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Watergate—Crimes Committed

Watergate—Crimes Committed

by William H. Benson

March 7, 2019

     John Mitchell smoked a pipe when he served as Attorney General in Nixon’s White House, and also as chair of the Committee for the Re-Election of the President, CREEP, in 1971, leading up to the Presidential election in November of 1972. Two years later, after the public learned the truth about Watergate, John Mitchell called the blunders that he witnessed, “the White House horrors.”

     First, there was the Huston Plan. In 1970, Tom Charles Huston, a White House liaison, issued a 43-page secret report that suggested “black-bag jobs, break-ins, domestic burglary, electronic surveillance by wiretapping, and clandestine mail openings,” all to get dirt on Nixon’s perceived enemies.

     Huston warned Nixon that these were illegal operations, but Nixon wanted to use them. Mitchell convinced Nixon to revoke the plan, but still the President implemented certain of its provisions.

     In late June and early July of 1971, on four occasions, Nixon ranted that he wanted someone to break into the Brookings Institute and bring back a file that he believed would embarrass the former President, Lyndon Johnson.

     Nixon said, “You remember Huston’s plan? Implement it.” He further said, “I want it implemented on a thievery basis. Go in and get those files. Blow the safe and get it.” In the summer of of 1971, the President of the United States demanded that his associates commit a crime, breaking and entering.

     Then, there was the Plumbers Gang, a White House “Special Investigations Unit,” set up on July 24, 1971, to stop leaks, including Daniel Ellsberg’s submission of the Pentagon Papers to the newspapers. The Papers told a tragic story of the US’s misguided military war in Vietnam.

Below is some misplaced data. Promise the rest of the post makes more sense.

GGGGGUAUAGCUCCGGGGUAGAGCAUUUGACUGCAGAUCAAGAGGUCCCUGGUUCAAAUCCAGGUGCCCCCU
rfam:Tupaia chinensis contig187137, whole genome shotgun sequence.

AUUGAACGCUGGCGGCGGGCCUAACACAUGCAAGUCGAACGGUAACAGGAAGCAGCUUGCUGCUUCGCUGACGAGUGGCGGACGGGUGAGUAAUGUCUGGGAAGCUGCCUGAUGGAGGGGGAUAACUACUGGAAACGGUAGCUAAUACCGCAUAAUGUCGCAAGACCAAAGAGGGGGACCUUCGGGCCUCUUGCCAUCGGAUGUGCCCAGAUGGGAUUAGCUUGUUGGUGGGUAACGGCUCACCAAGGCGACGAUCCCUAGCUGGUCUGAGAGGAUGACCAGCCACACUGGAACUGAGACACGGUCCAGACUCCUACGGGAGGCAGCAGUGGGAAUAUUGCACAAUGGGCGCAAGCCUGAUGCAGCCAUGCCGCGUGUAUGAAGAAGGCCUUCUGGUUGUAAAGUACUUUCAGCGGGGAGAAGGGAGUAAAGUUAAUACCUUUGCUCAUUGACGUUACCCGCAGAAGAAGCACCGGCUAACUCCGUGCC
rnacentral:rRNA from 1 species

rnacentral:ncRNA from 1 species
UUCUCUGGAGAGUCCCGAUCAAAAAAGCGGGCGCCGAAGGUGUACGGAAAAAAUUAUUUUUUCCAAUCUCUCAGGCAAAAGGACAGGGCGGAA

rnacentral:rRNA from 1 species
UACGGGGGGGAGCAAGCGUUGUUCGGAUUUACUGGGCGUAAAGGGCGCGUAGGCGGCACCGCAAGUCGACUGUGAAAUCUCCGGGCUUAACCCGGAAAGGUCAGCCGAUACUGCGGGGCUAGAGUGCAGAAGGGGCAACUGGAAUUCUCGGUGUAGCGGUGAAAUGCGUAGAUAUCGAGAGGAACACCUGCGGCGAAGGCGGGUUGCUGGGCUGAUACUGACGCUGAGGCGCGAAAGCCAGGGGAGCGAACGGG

1. Gordy Liddy, an extreme right-winger, and E. Howard Hunt, an inept former CIA agent, joined the Plumbers Gang. On September 3, 1971, Liddy and Hunt flew to Los Angeles, broke into Lewis Fielding’s psychiatric office in Beverly Hills, and tried, but failed, to find Daniel Ellsberg’s file. “They wanted the file to defame or blackmail Ellsberg.”

     In August of 1971, Charles Colson, one of Nixon’s most loyal associates, prepared “an enemies list,” of twenty people that Nixon did not like, including Daniel Schorr and Paul Newman. On occasion, when Nixon ranted about his enemies, he demanded that the IRS initiate a tax audit on them.

     In January of 1972, Liddy presented to White House officials—John Mitchell, and a young legal counsel named John Dean III—a preposterous plan called Gemstone. Thirteen months later, Dean explained to Nixon what Liddy had proposed that day. Dean said,

     “So I came over and Liddy laid out a million-dollar plan that was the most incredible thing I have ever laid my eyes on: all in codes, and involved black-bag operations, kidnapping, providing prostitutes to weaken the opposition, bugging, mugging teams. It was just an incredible thing.”

     John Mitchell told Liddy that the cost was too high, but later the Attorney General approved a reduced version of Gemstone at a cost of $250,000.

     Then, there were the “dirty tricks,” that Nixon’s operatives played on possible Democrat challengers in the forthcoming 1972 election, against Edmund Muskie, Edward Kennedy, George Wallace, and George McGovern. They spread malicious rumors, found and tossed away the candidates’ shoes.

     The most consequential, but not the last, “White House horror” occurred at Washington D.C.’s Watergate Hotel at 2:30 a.m., on the morning of June 17, 1972. Police arrested five Plumbers Gang members—James McCord, Eugenio Martinez, Virgilio Gonzales, Bernard Baker, and Frank Sturgis—inside the Democratic National headquarters on the sixth floor.

     The five burglars were taking photographs of campaign documents and inserting bugs into the telephones. Their two supervisors, Liddy and Hunt, fled the area, once the police nabbed the five.

     Watergate was the tip of an iceberg of criminality. In 2012, Robert Woodward and Carl Bernstein wrote in the Washington Post, that “Nixon had turned his White House, to a remarkable extent, into a criminal enterprise.”     

     Judge John Sirica gave the five burglars and their two handlers various sentences, but G. Gordon Liddy served the longest term in prison, four and a half years.

     Daniel Moynihan, later a Senator from New York, described Nixon’s White House, “They were not berserk. They merely let themselves get involved step by step into something that got out of control, whereupon they tried to cover up and thereupon came catastrophe.”

     Next time in these pages, “Watergate—conspiracy to coverup.”